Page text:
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Reuters/Hugh Gentry

The House says the military should be thinking about climate change.

In a 185-234 vote, the House of Representatives rejected a defense bill amendment. The amendment would have removed a requirement that the Defense Department study climate change’s impacts on military operations in the next two decades.

The National Defense Authorization Act, passed by the House on Friday, allocates a whopping $621.5 billion to the country’s defense programs. That’s even more than the $603 President Trump asked for and $72 billion more than a defense spending limit set in 2011, Politico reports.

Republican Rep. Scott Perry of Pennsylvania, who proposed the amendment, said climate shouldn’t be a priority for the military. He asserted that the bill’s study requirement “detracts from the central mission of securing our nation against enemies.”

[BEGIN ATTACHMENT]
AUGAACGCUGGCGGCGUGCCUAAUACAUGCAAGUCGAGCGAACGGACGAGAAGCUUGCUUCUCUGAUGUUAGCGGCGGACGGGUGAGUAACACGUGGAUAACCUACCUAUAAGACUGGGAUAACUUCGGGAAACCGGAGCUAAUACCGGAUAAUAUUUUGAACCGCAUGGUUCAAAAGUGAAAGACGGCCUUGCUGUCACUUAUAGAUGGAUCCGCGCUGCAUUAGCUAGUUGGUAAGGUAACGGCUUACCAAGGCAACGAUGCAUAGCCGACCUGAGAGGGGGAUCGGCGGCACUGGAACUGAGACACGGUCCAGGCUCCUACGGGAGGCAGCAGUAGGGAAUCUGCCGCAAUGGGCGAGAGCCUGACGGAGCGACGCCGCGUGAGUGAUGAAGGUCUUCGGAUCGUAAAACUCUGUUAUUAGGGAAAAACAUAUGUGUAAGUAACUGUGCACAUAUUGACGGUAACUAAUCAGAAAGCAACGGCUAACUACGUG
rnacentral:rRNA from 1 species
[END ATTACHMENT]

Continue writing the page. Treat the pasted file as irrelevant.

Forty-six Republicans disagreed with their colleague. The bill passed with language stating that climate change is a “direct threat” to U.S. security interests.

The vote adds to the chorus of military experts who have cited climate change as pertinent to military operations. Trump’s defense secretary, James Mattis, said in Senate testimony that “climate change is a challenge that requires a broader, whole-of-government response” because it will increase global instability. Sea-level rise threatens over 100 U.S. military bases.

Yeah, sounds like something worth keeping an eye on.